Ward said children who lack size, strength and confidence are often preyed upon by bullies. But, he added, “Anything out of the norm can make you a target — anything that brings undue attention to yourself.”
Unfortunately, Ward said, as children get older and progress into high school, bullying usually takes on another, more harmful form.
“In high school, cyberbullying becomes more prevalent and more brutal,” he added.
According to Ward, cyberbullying can be much worse than other forms of bullying because the internet gives people the opportunity to follow victims and hide behind anonymity.
“It’s everywhere,” he said. “If you’re online at all, it’s there. There’s really no safe place because it can go anywhere you can go.”
Ward said when his own daughter was in tenth grade, she was cyberbullied.
“There was a website created by people at her high school that ranked every girl there, not just by their looks but also by rumors that were spread about them,” he said. “She was on that list.”
Because of the brutality and longevity of cyberbullying, Ward said it can often have a longer impact on children than other forms of bullying.
Ruel Haymond, a high school teacher at American Heritage School in American Fork and former director of American Leadership Academy in Spanish Fork, added cyberbullying is often worse because it doesn’t take place in person.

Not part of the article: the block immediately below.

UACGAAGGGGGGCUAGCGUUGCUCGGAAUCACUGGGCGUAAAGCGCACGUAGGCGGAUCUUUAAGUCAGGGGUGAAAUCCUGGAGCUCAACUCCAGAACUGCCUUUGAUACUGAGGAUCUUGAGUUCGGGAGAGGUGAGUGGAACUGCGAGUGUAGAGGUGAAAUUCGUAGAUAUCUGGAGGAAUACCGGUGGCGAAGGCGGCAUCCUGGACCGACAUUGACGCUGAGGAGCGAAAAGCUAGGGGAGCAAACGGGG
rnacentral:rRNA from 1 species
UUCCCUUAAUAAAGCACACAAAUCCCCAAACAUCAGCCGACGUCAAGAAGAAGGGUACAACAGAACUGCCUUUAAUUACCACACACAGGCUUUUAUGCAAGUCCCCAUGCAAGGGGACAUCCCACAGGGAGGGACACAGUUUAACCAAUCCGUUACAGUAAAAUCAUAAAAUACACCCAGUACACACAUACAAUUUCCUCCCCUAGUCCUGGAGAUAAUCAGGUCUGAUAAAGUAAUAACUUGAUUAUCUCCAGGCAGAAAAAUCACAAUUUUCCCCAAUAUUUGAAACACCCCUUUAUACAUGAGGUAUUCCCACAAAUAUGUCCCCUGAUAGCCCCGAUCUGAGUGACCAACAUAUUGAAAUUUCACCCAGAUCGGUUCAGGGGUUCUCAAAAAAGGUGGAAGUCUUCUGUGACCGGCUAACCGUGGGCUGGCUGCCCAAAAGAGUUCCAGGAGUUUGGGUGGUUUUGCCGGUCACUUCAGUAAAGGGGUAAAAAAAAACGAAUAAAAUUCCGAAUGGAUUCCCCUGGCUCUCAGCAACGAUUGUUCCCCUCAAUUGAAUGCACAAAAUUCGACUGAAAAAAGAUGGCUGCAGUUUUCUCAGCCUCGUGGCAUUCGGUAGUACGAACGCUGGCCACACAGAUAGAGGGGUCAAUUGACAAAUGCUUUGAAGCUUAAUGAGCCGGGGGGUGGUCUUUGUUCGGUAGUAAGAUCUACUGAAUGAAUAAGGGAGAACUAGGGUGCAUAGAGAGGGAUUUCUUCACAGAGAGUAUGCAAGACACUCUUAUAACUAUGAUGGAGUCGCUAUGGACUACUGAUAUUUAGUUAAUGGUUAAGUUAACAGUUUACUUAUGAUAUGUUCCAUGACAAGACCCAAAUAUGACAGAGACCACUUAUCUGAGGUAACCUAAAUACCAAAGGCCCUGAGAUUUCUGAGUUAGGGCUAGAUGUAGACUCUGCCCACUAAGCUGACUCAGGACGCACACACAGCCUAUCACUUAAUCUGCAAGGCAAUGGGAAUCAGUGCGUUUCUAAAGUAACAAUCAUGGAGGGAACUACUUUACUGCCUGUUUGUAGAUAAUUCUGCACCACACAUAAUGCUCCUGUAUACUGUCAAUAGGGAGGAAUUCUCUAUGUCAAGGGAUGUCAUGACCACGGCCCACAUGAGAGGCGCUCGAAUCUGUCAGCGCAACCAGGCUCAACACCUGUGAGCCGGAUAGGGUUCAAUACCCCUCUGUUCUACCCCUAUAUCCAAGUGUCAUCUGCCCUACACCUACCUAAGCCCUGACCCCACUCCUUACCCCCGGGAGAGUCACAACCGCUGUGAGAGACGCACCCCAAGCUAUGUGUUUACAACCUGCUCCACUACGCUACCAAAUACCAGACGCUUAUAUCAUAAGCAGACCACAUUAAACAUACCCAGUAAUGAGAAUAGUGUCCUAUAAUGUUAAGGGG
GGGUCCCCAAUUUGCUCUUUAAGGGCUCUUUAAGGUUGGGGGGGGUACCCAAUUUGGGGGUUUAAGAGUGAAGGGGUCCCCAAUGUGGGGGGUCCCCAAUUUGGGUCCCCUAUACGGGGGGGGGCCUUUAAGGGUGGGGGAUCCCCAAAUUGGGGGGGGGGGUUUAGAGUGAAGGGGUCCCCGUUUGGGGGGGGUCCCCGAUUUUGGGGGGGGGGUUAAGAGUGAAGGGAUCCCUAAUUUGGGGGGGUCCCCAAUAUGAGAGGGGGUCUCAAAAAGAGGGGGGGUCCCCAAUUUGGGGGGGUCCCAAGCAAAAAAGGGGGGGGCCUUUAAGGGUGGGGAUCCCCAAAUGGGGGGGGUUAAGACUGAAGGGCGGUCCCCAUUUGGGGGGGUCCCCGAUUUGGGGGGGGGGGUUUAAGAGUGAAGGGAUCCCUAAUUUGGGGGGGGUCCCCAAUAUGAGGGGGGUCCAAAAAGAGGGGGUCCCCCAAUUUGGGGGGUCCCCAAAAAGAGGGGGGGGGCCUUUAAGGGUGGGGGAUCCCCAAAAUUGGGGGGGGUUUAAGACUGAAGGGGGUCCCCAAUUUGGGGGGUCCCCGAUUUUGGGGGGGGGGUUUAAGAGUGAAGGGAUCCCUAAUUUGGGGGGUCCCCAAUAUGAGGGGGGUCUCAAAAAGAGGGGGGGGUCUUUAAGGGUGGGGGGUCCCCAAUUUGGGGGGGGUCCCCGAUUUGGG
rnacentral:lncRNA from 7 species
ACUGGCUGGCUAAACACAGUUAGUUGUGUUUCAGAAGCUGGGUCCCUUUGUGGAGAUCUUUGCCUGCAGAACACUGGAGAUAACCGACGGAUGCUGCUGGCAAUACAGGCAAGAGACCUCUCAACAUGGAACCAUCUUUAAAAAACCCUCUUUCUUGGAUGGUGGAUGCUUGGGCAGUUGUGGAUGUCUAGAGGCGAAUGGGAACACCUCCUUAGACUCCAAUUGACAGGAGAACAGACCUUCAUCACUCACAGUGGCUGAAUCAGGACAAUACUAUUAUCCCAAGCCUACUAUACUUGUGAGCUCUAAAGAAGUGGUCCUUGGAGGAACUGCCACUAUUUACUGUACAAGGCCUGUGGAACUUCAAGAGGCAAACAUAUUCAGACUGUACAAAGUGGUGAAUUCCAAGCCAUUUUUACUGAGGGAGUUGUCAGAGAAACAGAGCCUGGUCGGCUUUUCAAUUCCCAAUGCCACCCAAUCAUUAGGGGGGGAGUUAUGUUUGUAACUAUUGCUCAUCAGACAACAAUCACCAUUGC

“With cyberbullying, you don’t have to face the person” being targeted, he said. “In situations like these, typically people go beyond what is considered normal decorum for bullying.”
Haymond likened cyberbullying to the book “Lord of the Flies,” by William Golding.
“That’s what’s scary about people in that story,” Haymond said. “Once they started putting on the masks, they became animalistic and cruel.”
According to the Journal of Bullying and Social Aggression, bullying doesn’t stop at the high school level.
The Journal reported that 63.35 percent of students surveyed witnessed bullying in some capacity since starting college, while 27.15 percent reported being victims of bullying.